Library of Congress among the victims to go temporarily offline. Several websites owned and operated by the United States Congress are recovering from a three-day distributed denial-of-service (DDoS) attack. The DDoS campaign began on July 17 when the websites for the Library of Congress (LoC) began experiencing technical difficulties. A day later, the websites went temporarily offline: During the attack, Library of Congress employees were unable to access their work emails or visit any of the Library’s websites. Softpedia reports the attackers ultimately overcame initial defense measures to escalate their campaign. Specifically, they brought down two additional targets: congress.gov, the online portal for the United States Congress; and copyright.gov, the website for the United States Copyright Office. On Tuesday morning, things started to get back to normal. Some email accounts were functioning, writes FedScoop, but other online properties by the LoC remained offline. As of this writing, the three government portals affected by the attack are back online. Tod Beardsley, a senior research manager for Boston-based cybersecurity firm Rapid7, feels that denial-of-service attacks remain popular because of how difficult it is for a target to mitigate a campaign while it is still in progress. As he told FedScoop : “DoS attacks that leverage DNS as a transport is a common mechanism for flooding target sites with unwanted traffic for two reasons. [First,] DNS traffic is often passed through firewalls without traffic inspection, since timely responses to DNS are critical for many networked environments. [And] second, DNS nearly always uses User Datagram Protocol, or UDP, rather than Transmission Control Protocol, or TCP, and UDP-based protocols like DNS are connectionless. As a result of this design, it’s easier for attackers to forge data packets with many fake source addresses, making it difficult to filter good data over bad.” Network filtering devices can help, but only if a company decides to buy one. Perhaps the Library of Congress didn’t own such a device or lacked a service provider with expertise in mitigating DoS/DDoS attacks. There’s little companies can do to protect against DDoS attacks, as script kiddies with a few bucks can rent a botnet online to attack whichever target they choose. With that in mind, organizations should prepare for these attacks by investing in DDoS mitigation technologies that can in the event of an attack help accommodate and filter attack traffic. Source: https://www.grahamcluley.com/2016/07/congress-website-ddos/
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US Congress websites recovering after three-day DDoS attack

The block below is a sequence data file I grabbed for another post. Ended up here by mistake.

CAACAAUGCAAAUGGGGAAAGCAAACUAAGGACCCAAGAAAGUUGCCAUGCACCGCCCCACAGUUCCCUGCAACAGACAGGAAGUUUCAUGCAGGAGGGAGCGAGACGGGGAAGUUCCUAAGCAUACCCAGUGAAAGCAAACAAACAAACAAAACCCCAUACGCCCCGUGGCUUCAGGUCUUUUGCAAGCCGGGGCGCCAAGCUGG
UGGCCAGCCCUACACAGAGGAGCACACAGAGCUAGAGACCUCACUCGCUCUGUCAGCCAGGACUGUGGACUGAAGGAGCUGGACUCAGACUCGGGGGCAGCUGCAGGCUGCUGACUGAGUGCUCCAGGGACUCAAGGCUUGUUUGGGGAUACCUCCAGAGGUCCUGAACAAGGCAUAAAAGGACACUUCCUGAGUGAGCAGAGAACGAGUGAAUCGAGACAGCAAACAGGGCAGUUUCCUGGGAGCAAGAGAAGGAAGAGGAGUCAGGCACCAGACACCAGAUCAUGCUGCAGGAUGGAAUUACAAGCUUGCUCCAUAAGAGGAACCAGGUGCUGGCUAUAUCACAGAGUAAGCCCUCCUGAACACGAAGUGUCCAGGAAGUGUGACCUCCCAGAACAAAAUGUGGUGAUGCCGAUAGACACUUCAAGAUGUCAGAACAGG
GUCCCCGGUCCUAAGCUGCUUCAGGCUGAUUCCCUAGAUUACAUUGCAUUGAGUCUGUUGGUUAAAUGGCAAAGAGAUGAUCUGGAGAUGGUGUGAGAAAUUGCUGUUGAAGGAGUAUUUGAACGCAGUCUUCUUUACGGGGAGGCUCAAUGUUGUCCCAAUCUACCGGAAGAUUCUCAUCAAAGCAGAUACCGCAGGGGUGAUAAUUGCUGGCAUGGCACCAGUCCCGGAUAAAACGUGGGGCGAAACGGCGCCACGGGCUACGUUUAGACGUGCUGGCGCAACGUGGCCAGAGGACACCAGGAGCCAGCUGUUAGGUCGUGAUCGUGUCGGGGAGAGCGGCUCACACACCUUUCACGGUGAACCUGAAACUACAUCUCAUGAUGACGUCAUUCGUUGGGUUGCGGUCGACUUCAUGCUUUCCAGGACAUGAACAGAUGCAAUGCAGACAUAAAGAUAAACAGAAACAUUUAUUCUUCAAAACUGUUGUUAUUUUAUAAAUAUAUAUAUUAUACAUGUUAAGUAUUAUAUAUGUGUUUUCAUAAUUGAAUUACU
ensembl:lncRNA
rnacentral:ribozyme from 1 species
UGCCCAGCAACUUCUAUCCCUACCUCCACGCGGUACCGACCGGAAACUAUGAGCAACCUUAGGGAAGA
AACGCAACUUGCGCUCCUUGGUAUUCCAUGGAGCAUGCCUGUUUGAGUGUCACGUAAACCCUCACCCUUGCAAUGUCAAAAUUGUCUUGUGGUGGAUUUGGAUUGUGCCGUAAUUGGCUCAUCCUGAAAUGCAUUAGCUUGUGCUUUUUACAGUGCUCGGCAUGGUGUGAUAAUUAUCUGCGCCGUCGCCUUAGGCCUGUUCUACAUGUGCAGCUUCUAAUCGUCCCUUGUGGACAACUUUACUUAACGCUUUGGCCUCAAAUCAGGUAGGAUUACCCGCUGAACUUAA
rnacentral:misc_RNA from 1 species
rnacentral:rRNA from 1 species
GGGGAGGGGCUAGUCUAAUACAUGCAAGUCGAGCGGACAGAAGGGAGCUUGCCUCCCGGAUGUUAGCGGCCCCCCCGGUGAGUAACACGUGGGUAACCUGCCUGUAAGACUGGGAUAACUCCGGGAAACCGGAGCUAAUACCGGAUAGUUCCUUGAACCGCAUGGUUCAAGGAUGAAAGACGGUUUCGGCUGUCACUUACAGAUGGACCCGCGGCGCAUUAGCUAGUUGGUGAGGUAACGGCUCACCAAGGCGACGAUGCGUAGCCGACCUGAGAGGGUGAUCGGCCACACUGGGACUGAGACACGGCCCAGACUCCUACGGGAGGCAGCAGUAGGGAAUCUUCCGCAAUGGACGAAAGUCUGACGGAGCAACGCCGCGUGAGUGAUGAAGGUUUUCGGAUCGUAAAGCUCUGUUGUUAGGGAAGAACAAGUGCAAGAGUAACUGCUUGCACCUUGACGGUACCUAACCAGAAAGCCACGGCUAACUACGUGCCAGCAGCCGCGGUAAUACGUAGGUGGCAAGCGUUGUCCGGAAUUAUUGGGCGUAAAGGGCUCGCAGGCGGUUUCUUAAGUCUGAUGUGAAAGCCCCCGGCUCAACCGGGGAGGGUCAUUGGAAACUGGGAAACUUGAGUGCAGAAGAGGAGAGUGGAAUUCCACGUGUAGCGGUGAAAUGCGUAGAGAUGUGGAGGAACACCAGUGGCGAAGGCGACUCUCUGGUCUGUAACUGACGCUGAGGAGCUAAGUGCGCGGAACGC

If an approach works well, there is no reason to change tack, and the masters of the SoakSoak botnet are obviously of the same belief. A year and a half after they have been spotted compromising WP-based websites through vulnerabilities in the Slider Revolution (“RevSlider”) plugin and redirecting visitors to the malware-laden SoakSoak.ru website, they are at it again. “Websites are often compromised by botnets that scan websites for vulnerable software or application plugins,” Invincea’s … More ?
Container biz blames downtime on traffic flood Websites running on the Docker Cloud hosted container management and deployment service were taken down by an apparent DNS outage on Monday. Reg readers and Docker Cloud support forum members complained today that their services were down or suffering intermittent outages with little explanation from Docker. One angry user got in touch with us to lambast the San Francisco startup’s customer support. “The DNS service has now been intermittently online and offline for over a day. All this from a company supposedly worth millions,” he said. “We’ve got a thread ongoing in the forums but we’ve had limited response from Docker staff. For nearly three hours the status page said everything was fine.” On the message board, ziontech, with 20 sites running on Docker Cloud, wrote: “All my dockerapp.io endpoints have gone down, DNS resolution is failing, is there an issue with these right now?” Docker was criticized for relying on users to keep each other updated on its systems’ operations. Docker Cloud is the Docker hosting service from Tutum, which Docker bought in October 2015. The purchase price was not disclosed. The Reg has asked Docker for comment and will update this piece with any response. We note that the Docker system status page was updated to read: “We have identified an unusual high load on our DNS servers that is causing some lookups to fail. We are scaling up and investigating the source of the traffic.” ® Updated to add A spokesman for Docker has been in touch to say its DNS infrastructure was flooded offline with junk traffic, resulting in outages for customers: Docker Cloud did experience an outage yesterday due to two Distributed Denial of Service attacks on the DNS. Service was restored yesterday and things are completely back to normal. Docker provided updates via the forums within an hour after the outage was discovered, which was as soon as possible based on the information they had, and continued doing so throughout the day. They also continuously updated the status at status.docker.com. Docker has taken corrective measures to ensure this situation does not occur in the future, and, most importantly, has taken steps to ensure that user applications will not be affected in the event that Docker Cloud experiences another outage. Source: http://www.theregister.co.uk/2016/07/19/docker_cloud_dns_outage/
10Gbps is the new norm, warns Arbor Networks DDoS attacks once again escalated in both size and frequency during the first six months of 2016.…
DDoS trends: Bigger, badder but not longer
Arbor Networks released global DDoS attack data for the first six months of 2016 that shows a continuing escalation in the both the size and frequency of attacks. Arbor’s data is gathered through ATLAS, a collaborative partnership with more than 330 service provider customers who share anonymous traffic data with Arbor in order to deliver an aggregated view of global traffic and threats. ATLAS data has also been utilized recently in Cisco’s Visual Networking Index … More ?